How to write a good CV

18th Jul 2022
CV on desk

People will spend hours writing up their CV’s, click send and nothing… Recruiters get sent dozens of applications, so yours needs to stand out!

Everyone knows first impressions count, on average a recruiter will spend only 6-8 seconds reviewing a CV before they decide whether it is suitable or not for a vacancy. So, let’s make those 6-8 seconds worth it. Here’s how –

Personal Statement

Writing an attention-grabbing personal statement will introduce the employer to your professional goals and qualifications. Making them interested in reading the rest of your CV. Your personal statement should consist of:

  • Relevant work experience
  • Transferable skills
  • Educational background
  • Reasons for applying to a company

CV Layout: The Do’s and Don’ts


  • Choose a clean, readable and modern font. Here are a couple we recommend using:
    • Times New Roman
    • Arial
    • Calibri
    • Georgia

Classic fonts for the win. Make sure to use the same font throughout your whole CV.

  • Keep it short and sweet. Like I said, recruiters spend on average only 6-8 seconds reviewing a CV. Try and get straight to the point and ideally keep it to no more than 2 pages. Less is more!
  • Bullet points. Using bullet points is a great way for a clear CV layout.
  • Use headings for each section. Ensure you include simple, reader-friendly titles and subheadings for each section such as:
    • Work Experience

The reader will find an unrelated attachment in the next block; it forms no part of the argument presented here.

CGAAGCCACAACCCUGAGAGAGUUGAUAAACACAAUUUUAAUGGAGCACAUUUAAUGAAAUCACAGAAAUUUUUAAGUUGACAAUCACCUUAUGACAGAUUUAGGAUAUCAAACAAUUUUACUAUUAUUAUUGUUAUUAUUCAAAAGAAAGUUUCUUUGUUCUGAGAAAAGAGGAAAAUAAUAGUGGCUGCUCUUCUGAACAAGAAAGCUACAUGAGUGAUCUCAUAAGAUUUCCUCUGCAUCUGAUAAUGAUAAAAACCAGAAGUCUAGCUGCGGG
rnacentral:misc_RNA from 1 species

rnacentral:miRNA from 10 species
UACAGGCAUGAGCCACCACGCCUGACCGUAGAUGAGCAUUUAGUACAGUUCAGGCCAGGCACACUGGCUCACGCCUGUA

• Education
    • Hobbies and Interests, etc.


  • Include irrelevant information. Ask yourself this question, will this information help me get the role?
  • Include information which may be viewed negatively. For example, failed exams, reasons for leaving jobs, points on your driving licence. Don’t lie, but don’t include this kind of information. Don’t give the interviewer any reason to discard you at this stage.
  • Include all the jobs you have had since school, just include the relevant ones. Add details about your most recent qualifications.
  • Include a photo unless required.

Hobbies and Interests

We recommend including your personal interests on your CV because it is a great way to stand out from the crowd, you get to show off your personality and individuality it is however an optional section in your CV. Recruiters invest in people; they hire and work with human beings. Adding hobbies that are relevant and add value are key, for example, playing chess would match well when applying for technical jobs like IT or science.